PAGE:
Amir Khan has nothing left but memories as Kell Brook faces decisive call to avoid the same fate

It was the end for Amir Khan late on Saturday night in Manchester when 19,000 people attended his boxing wake.

It should probably also be a triumphant end for Kell Brook after six one-sided and painful rounds of domination in their clash of veterans.

It was one of the most emotional fights to cover that I can remember; two men with a combined history of glory, too much pride and spite and, by about 10.40pm on Saturday night, nowhere to go in a ring shaking with anticipation. And, perhaps just a bit of dread.

The simple truth of the fight, which took over 10 years to make and six minutes to sell out, is that Amir Khan had absolutely nothing left but the memory of his great nights and his enormous heart. In the ring, under fire, desperate and knowing the end long, long before it happened, he took the final beating of his amazing boxing career like an old hero, a warrior one last time. It was the only certainty in a fight of unknowns. It was both a horror and privilege to watch from six feet away.

“It’s not there anymore, it’s gone,” he said at midnight during a grim moment of reflection as he signed all of the medical papers after the last post-fight inspection of his life. His body and face red and bruised, dark lumps forming all over and yet he still tried to smile. The boy from the Athens Olympics, the kid was finished. It has been 18 years as a pro, 40 fights, 10world title fights, dozens of massive nights in packed arenas and at 35, sore and a bit broken, he is at last done with the game that gave him fame and riches.

Nobody in the Khan business or the boxing business was prepared for the version of Khan that entered the ring; it is harsh, but he had no resistance to any of Brook’s punches. None. It’s not a criticism, it’s a fact. I doubt Khan was even aware of the decline; it happens that way, the end of a career.

In the ring, nearly an hour before Khan sat in sadness under the doctor’s eyes, Brook had been simply too strong, too powerful and accurate in a fight where the smart thinkers in our game had been flipping coins all week. Brook walked through Khan’s punches, thumped away, laughed, smiled, cut Khan off in a big ring that shrunk as the seconds ticked. Brook looked like a man travelling in the opposite direction to the old road Khan was stumbling down. The end was clear after 10 seconds of the opening round and it finished finally after five seconds of the sixth. It was over long before the end was official.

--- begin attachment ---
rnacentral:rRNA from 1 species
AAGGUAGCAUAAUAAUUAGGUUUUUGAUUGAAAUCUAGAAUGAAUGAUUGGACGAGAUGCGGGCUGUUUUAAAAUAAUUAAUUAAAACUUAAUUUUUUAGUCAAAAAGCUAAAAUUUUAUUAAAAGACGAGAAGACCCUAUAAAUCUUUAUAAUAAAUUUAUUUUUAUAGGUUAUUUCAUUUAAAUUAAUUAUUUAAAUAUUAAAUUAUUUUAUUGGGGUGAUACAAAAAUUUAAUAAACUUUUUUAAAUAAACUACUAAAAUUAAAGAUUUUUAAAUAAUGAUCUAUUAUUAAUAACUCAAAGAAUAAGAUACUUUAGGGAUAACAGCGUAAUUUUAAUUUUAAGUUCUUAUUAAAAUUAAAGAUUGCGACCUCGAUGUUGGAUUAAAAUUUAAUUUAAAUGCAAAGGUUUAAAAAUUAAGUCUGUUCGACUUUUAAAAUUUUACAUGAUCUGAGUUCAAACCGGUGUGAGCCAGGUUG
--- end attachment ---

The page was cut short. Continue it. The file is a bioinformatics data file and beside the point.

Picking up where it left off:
“I’m back, I’m back – I told you I would stop him,” an ecstatic Brook said in his dressing room. Khan made Brook look sensational.

The fight is easy to recall, but was so much harder to predict. Khan had tried to move, tried his speed, but by the end of the first it was his heart and instincts that kept him up. Brook was smiling at the bell, knowing the fight was over after just three minutes. It was desperate to witness; we knew Khan would not go easily – he never does – and we also knew just how vicious Brook can be.

Brook remained calm, cutting off the ring, setting up shots, calculating just how much he had in the tank and how fast Khan’s reserves were evaporating. Khan tried every single little thing that he has picked up in his boxing life; he hit, he moved, he held, he shook his head and slowly and inevitably the fight left him and Brook started to hurt him. Brook was in no hurry and it was massively entertaining in that dark contradictory way that boxing can be.

At the end of the fifth, Khan was unsteady as he walked back to his latest team in the corner and as he slumped to the stall, it was obvious that his night was over. There are corners that would have yanked him out at that point. They never did, they sent him out for the sixth. Brook connected with a shuddering jab to the face on the bell, Khan’s legs danced, Brook pounced and the referee, Victor Loughlin, closed in, watched from 12 inches away and then stopped it after 51 seconds. Mercy and mayhem in Manchester. And despair and utter delight.

The pair embraced in the ring after a decade of hate and resentment. Their dispute was settled, but there will forever be a lively debate about what would have happened had they met eight or so years ago. The fight on Saturday was most definitely not between two men in anything like their primes. That is fine, there was no con; the fans knew the deal, it was bad blood, old blood and the night was always going to be about sacrifices. The fight was a journey to discover which man had the most left: Brook was a clear winner, Khan the clear loser on the night. However, this is February of 2022, they are both 35, have now been in 82 fights and Saturday’s end should not be considered as the definitive result in any fantasy fight between the pair back in 2014. That’s gone forever and we will all have to settle for the beating we witnessed. And not the fight we wanted so badly once upon a time.

There is bold talk of Brook fighting younger and fresher men; Brook also talked about walking away. He must now make the right decision, the safest decision and avoid becoming the man he dismantled in the Manchester ring. It’s a thin line between fighting a ghost and being the ghost in my brutal business.

And Khan will let his bruising heal and hopefully find some comfort in the glorious memories he left us. He should never chase any boxing dreams again; Kell might just still be dreaming.

They delivered something special in the ring on Saturday night in the twilight of two very fine careers. It was not always pleasant to watch, but it was truly impossible to turn away.

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